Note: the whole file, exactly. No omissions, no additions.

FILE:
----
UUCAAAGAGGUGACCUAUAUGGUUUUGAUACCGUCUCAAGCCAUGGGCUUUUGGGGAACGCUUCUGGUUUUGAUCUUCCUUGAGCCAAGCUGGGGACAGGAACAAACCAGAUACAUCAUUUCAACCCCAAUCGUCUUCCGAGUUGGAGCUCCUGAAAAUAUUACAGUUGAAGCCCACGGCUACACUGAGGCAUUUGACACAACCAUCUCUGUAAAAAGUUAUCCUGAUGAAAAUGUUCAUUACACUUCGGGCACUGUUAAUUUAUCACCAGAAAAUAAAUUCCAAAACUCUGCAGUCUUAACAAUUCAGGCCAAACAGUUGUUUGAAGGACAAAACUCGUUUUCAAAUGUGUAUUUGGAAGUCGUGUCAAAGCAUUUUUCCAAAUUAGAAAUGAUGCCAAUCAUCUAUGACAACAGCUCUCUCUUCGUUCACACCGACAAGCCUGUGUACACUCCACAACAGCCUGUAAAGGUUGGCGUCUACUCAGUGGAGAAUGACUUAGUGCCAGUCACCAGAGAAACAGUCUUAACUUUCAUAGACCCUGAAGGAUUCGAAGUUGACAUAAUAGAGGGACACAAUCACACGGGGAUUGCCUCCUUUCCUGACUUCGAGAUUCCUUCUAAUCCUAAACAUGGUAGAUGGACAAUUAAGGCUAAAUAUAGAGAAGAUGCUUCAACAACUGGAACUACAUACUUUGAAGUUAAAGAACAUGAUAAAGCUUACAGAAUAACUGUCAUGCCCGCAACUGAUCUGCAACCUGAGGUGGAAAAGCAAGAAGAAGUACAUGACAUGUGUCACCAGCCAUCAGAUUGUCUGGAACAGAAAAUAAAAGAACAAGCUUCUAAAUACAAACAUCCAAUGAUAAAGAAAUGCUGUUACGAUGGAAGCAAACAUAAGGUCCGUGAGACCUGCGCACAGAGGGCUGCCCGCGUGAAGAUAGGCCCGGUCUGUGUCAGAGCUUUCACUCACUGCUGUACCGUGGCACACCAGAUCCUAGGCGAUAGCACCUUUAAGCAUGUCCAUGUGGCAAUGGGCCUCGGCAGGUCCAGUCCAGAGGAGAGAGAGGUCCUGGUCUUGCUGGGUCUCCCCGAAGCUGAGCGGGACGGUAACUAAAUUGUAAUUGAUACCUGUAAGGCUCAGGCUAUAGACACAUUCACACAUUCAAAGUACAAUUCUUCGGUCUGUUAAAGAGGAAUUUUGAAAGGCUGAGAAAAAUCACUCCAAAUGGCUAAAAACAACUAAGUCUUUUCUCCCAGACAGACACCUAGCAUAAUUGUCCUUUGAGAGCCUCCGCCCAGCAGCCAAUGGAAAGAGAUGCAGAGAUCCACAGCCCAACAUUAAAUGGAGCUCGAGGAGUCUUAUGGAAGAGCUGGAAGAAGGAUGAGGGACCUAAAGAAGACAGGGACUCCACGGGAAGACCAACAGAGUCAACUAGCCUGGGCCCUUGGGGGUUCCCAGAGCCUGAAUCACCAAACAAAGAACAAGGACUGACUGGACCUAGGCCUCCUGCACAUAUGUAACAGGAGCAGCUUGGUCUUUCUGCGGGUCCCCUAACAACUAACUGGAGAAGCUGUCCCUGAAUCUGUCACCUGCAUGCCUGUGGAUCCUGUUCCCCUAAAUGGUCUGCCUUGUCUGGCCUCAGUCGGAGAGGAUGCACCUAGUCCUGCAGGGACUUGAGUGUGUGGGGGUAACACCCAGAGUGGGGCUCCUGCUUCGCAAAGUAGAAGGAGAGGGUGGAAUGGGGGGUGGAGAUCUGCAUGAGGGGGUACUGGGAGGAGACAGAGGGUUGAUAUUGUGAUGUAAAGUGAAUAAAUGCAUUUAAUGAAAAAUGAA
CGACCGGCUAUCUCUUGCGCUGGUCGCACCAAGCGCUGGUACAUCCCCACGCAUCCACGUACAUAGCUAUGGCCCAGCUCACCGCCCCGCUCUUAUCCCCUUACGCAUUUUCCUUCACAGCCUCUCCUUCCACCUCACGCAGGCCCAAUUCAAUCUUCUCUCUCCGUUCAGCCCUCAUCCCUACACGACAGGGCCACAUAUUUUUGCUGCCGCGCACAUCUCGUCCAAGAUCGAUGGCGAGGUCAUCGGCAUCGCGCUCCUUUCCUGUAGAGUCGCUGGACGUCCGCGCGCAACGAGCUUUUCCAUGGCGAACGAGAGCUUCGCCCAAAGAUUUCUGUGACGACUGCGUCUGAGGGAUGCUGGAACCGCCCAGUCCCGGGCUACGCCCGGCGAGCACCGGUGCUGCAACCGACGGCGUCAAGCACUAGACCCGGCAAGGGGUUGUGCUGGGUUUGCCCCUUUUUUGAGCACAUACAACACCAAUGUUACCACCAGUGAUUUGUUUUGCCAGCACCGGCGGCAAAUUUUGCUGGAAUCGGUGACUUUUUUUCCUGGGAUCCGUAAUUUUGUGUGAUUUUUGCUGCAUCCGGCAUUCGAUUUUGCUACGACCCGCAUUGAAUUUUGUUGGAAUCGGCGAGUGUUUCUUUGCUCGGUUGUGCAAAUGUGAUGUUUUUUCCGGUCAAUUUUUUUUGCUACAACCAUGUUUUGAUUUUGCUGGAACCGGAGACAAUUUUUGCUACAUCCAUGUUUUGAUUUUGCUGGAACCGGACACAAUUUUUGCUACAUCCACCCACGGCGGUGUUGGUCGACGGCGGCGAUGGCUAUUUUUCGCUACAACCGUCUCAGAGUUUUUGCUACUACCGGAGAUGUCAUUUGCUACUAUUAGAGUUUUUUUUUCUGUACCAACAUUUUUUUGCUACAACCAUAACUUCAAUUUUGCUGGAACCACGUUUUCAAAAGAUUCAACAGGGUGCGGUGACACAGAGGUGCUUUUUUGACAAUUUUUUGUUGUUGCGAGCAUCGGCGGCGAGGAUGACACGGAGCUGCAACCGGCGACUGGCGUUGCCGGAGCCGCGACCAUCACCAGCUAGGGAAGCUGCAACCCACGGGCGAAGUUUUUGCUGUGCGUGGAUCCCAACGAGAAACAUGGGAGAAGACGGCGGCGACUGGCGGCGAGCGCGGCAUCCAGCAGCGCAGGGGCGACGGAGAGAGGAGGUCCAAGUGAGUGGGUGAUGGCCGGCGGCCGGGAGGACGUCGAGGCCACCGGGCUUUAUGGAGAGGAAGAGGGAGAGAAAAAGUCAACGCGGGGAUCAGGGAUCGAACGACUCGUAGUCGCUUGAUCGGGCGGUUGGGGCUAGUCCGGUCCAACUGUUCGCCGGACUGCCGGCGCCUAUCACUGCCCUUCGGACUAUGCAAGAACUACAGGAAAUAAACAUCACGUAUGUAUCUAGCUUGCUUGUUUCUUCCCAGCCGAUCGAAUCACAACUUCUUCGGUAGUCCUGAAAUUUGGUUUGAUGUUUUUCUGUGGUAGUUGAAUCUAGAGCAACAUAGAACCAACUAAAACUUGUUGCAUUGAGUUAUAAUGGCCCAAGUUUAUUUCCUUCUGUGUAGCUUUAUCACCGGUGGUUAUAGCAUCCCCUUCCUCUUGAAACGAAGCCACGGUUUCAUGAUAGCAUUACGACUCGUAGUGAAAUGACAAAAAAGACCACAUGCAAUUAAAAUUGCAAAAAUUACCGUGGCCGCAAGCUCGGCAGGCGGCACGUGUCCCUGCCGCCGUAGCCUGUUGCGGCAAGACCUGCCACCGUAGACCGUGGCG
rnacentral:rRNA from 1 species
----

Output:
UUCAAAGAGGUGACCUAUAUGGUUUUGAUACCGUCUCAAGCCAUGGGCUUUUGGGGAACGCUUCUGGUUUUGAUCUUCCUUGAGCCAAGCUGGGGACAGGAACAAACCAGAUACAUCAUUUCAACCCCAAUCGUCUUCCGAGUUGGAGCUCCUGAAAAUAUUACAGUUGAAGCCCACGGCUACACUGAGGCAUUUGACACAACCAUCUCUGUAAAAAGUUAUCCUGAUGAAAAUGUUCAUUACACUUCGGGCACUGUUAAUUUAUCACCAGAAAAUAAAUUCCAAAACUCUGCAGUCUUAACAAUUCAGGCCAAACAGUUGUUUGAAGGACAAAACUCGUUUUCAAAUGUGUAUUUGGAAGUCGUGUCAAAGCAUUUUUCCAAAUUAGAAAUGAUGCCAAUCAUCUAUGACAACAGCUCUCUCUUCGUUCACACCGACAAGCCUGUGUACACUCCACAACAGCCUGUAAAGGUUGGCGUCUACUCAGUGGAGAAUGACUUAGUGCCAGUCACCAGAGAAACAGUCUUAACUUUCAUAGACCCUGAAGGAUUCGAAGUUGACAUAAUAGAGGGACACAAUCACACGGGGAUUGCCUCCUUUCCUGACUUCGAGAUUCCUUCUAAUCCUAAACAUGGUAGAUGGACAAUUAAGGCUAAAUAUAGAGAAGAUGCUUCAACAACUGGAACUACAUACUUUGAAGUUAAAGAACAUGAUAAAGCUUACAGAAUAACUGUCAUGCCCGCAACUGAUCUGCAACCUGAGGUGGAAAAGCAAGAAGAAGUACAUGACAUGUGUCACCAGCCAUCAGAUUGUCUGGAACAGAAAAUAAAAGAACAAGCUUCUAAAUACAAACAUCCAAUGAUAAAGAAAUGCUGUUACGAUGGAAGCAAACAUAAGGUCCGUGAGACCUGCGCACAGAGGGCUGCCCGCGUGAAGAUAGGCCCGGUCUGUGUCAGAGCUUUCACUCACUGCUGUACCGUGGCACACCAGAUCCUAGGCGAUAGCACCUUUAAGCAUGUCCAUGUGGCAAUGGGCCUCGGCAGGUCCAGUCCAGAGGAGAGAGAGGUCCUGGUCUUGCUGGGUCUCCCCGAAGCUGAGCGGGACGGUAACUAAAUUGUAAUUGAUACCUGUAAGGCUCAGGCUAUAGACACAUUCACACAUUCAAAGUACAAUUCUUCGGUCUGUUAAAGAGGAAUUUUGAAAGGCUGAGAAAAAUCACUCCAAAUGGCUAAAAACAACUAAGUCUUUUCUCCCAGACAGACACCUAGCAUAAUUGUCCUUUGAGAGCCUCCGCCCAGCAGCCAAUGGAAAGAGAUGCAGAGAUCCACAGCCCAACAUUAAAUGGAGCUCGAGGAGUCUUAUGGAAGAGCUGGAAGAAGGAUGAGGGACCUAAAGAAGACAGGGACUCCACGGGAAGACCAACAGAGUCAACUAGCCUGGGCCCUUGGGGGUUCCCAGAGCCUGAAUCACCAAACAAAGAACAAGGACUGACUGGACCUAGGCCUCCUGCACAUAUGUAACAGGAGCAGCUUGGUCUUUCUGCGGGUCCCCUAACAACUAACUGGAGAAGCUGUCCCUGAAUCUGUCACCUGCAUGCCUGUGGAUCCUGUUCCCCUAAAUGGUCUGCCUUGUCUGGCCUCAGUCGGAGAGGAUGCACCUAGUCCUGCAGGGACUUGAGUGUGUGGGGGUAACACCCAGAGUGGGGCUCCUGCUUCGCAAAGUAGAAGGAGAGGGUGGAAUGGGGGGUGGAGAUCUGCAUGAGGGGGUACUGGGAGGAGACAGAGGGUUGAUAUUGUGAUGUAAAGUGAAUAAAUGCAUUUAAUGAAAAAUGAA
CGACCGGCUAUCUCUUGCGCUGGUCGCACCAAGCGCUGGUACAUCCCCACGCAUCCACGUACAUAGCUAUGGCCCAGCUCACCGCCCCGCUCUUAUCCCCUUACGCAUUUUCCUUCACAGCCUCUCCUUCCACCUCACGCAGGCCCAAUUCAAUCUUCUCUCUCCGUUCAGCCCUCAUCCCUACACGACAGGGCCACAUAUUUUUGCUGCCGCGCACAUCUCGUCCAAGAUCGAUGGCGAGGUCAUCGGCAUCGCGCUCCUUUCCUGUAGAGUCGCUGGACGUCCGCGCGCAACGAGCUUUUCCAUGGCGAACGAGAGCUUCGCCCAAAGAUUUCUGUGACGACUGCGUCUGAGGGAUGCUGGAACCGCCCAGUCCCGGGCUACGCCCGGCGAGCACCGGUGCUGCAACCGACGGCGUCAAGCACUAGACCCGGCAAGGGGUUGUGCUGGGUUUGCCCCUUUUUUGAGCACAUACAACACCAAUGUUACCACCAGUGAUUUGUUUUGCCAGCACCGGCGGCAAAUUUUGCUGGAAUCGGUGACUUUUUUUCCUGGGAUCCGUAAUUUUGUGUGAUUUUUGCUGCAUCCGGCAUUCGAUUUUGCUACGACCCGCAUUGAAUUUUGUUGGAAUCGGCGAGUGUUUCUUUGCUCGGUUGUGCAAAUGUGAUGUUUUUUCCGGUCAAUUUUUUUUGCUACAACCAUGUUUUGAUUUUGCUGGAACCGGAGACAAUUUUUGCUACAUCCAUGUUUUGAUUUUGCUGGAACCGGACACAAUUUUUGCUACAUCCACCCACGGCGGUGUUGGUCGACGGCGGCGAUGGCUAUUUUUCGCUACAACCGUCUCAGAGUUUUUGCUACUACCGGAGAUGUCAUUUGCUACUAUUAGAGUUUUUUUUUCUGUACCAACAUUUUUUUGCUACAACCAUAACUUCAAUUUUGCUGGAACCACGUUUUCAAAAGAUUCAACAGGGUGCGGUGACACAGAGGUGCUUUUUUGACAAUUUUUUGUUGUUGCGAGCAUCGGCGGCGAGGAUGACACGGAGCUGCAACCGGCGACUGGCGUUGCCGGAGCCGCGACCAUCACCAGCUAGGGAAGCUGCAACCCACGGGCGAAGUUUUUGCUGUGCGUGGAUCCCAACGAGAAACAUGGGAGAAGACGGCGGCGACUGGCGGCGAGCGCGGCAUCCAGCAGCGCAGGGGCGACGGAGAGAGGAGGUCCAAGUGAGUGGGUGAUGGCCGGCGGCCGGGAGGACGUCGAGGCCACCGGGCUUUAUGGAGAGGAAGAGGGAGAGAAAAAGUCAACGCGGGGAUCAGGGAUCGAACGACUCGUAGUCGCUUGAUCGGGCGGUUGGGGCUAGUCCGGUCCAACUGUUCGCCGGACUGCCGGCGCCUAUCACUGCCCUUCGGACUAUGCAAGAACUACAGGAAAUAAACAUCACGUAUGUAUCUAGCUUGCUUGUUUCUUCCCAGCCGAUCGAAUCACAACUUCUUCGGUAGUCCUGAAAUUUGGUUUGAUGUUUUUCUGUGGUAGUUGAAUCUAGAGCAACAUAGAACCAACUAAAACUUGUUGCAUUGAGUUAUAAUGGCCCAAGUUUAUUUCCUUCUGUGUAGCUUUAUCACCGGUGGUUAUAGCAUCCCCUUCCUCUUGAAACGAAGCCACGGUUUCAUGAUAGCAUUACGACUCGUAGUGAAAUGACAAAAAAGACCACAUGCAAUUAAAAUUGCAAAAAUUACCGUGGCCGCAAGCUCGGCAGGCGGCACGUGUCCCUGCCGCCGUAGCCUGUUGCGGCAAGACCUGCCACCGUAGACCGUGGCG
rnacentral:rRNA from 1 species